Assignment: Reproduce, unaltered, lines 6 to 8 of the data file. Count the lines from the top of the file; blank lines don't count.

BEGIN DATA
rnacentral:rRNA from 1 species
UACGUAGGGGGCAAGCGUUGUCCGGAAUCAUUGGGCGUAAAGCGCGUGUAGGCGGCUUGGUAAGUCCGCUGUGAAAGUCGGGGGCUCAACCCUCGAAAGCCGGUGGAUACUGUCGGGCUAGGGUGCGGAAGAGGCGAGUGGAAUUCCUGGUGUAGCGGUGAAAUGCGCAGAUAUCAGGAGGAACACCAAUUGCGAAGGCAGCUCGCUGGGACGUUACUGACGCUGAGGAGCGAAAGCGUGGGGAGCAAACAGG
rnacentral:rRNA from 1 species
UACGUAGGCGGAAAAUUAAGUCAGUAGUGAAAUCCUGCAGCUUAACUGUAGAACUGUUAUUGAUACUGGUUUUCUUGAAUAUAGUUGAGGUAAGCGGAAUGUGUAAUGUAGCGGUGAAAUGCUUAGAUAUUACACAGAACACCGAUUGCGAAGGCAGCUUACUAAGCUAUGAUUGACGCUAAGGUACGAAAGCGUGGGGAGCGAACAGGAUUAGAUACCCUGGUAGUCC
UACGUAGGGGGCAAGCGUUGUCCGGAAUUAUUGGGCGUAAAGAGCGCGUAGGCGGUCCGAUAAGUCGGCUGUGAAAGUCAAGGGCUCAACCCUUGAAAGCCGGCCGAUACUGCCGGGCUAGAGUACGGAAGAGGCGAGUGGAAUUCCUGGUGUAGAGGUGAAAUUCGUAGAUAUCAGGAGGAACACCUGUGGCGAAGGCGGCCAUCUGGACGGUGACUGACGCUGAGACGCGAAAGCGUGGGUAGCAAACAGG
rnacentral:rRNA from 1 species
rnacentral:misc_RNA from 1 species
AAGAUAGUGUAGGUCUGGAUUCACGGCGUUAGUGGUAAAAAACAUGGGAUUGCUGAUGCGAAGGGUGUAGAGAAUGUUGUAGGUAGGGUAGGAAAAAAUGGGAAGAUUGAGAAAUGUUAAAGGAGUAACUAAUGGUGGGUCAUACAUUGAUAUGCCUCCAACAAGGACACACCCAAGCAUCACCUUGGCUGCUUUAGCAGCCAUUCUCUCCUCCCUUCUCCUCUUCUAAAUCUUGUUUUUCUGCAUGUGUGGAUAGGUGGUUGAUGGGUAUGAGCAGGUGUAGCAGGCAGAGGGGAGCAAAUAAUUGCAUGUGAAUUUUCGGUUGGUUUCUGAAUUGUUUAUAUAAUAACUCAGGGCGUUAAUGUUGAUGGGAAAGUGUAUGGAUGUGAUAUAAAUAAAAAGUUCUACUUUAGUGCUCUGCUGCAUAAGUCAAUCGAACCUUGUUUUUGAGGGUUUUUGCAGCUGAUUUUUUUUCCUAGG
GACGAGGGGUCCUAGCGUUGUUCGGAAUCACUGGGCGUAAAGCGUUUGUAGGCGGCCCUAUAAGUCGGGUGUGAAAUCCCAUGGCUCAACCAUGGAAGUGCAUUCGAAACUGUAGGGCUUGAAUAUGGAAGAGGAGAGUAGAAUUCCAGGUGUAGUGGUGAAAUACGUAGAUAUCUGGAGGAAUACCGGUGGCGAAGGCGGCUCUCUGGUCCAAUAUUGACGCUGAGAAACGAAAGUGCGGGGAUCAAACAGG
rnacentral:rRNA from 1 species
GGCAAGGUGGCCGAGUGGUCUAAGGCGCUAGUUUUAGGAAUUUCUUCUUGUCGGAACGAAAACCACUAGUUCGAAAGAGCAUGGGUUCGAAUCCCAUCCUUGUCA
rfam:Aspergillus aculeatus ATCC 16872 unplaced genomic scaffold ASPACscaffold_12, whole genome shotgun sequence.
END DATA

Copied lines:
rnacentral:rRNA from 1 species
rnacentral:misc_RNA from 1 species
AAGAUAGUGUAGGUCUGGAUUCACGGCGUUAGUGGUAAAAAACAUGGGAUUGCUGAUGCGAAGGGUGUAGAGAAUGUUGUAGGUAGGGUAGGAAAAAAUGGGAAGAUUGAGAAAUGUUAAAGGAGUAACUAAUGGUGGGUCAUACAUUGAUAUGCCUCCAACAAGGACACACCCAAGCAUCACCUUGGCUGCUUUAGCAGCCAUUCUCUCCUCCCUUCUCCUCUUCUAAAUCUUGUUUUUCUGCAUGUGUGGAUAGGUGGUUGAUGGGUAUGAGCAGGUGUAGCAGGCAGAGGGGAGCAAAUAAUUGCAUGUGAAUUUUCGGUUGGUUUCUGAAUUGUUUAUAUAAUAACUCAGGGCGUUAAUGUUGAUGGGAAAGUGUAUGGAUGUGAUAUAAAUAAAAAGUUCUACUUUAGUGCUCUGCUGCAUAAGUCAAUCGAACCUUGUUUUUGAGGGUUUUUGCAGCUGAUUUUUUUUCCUAGG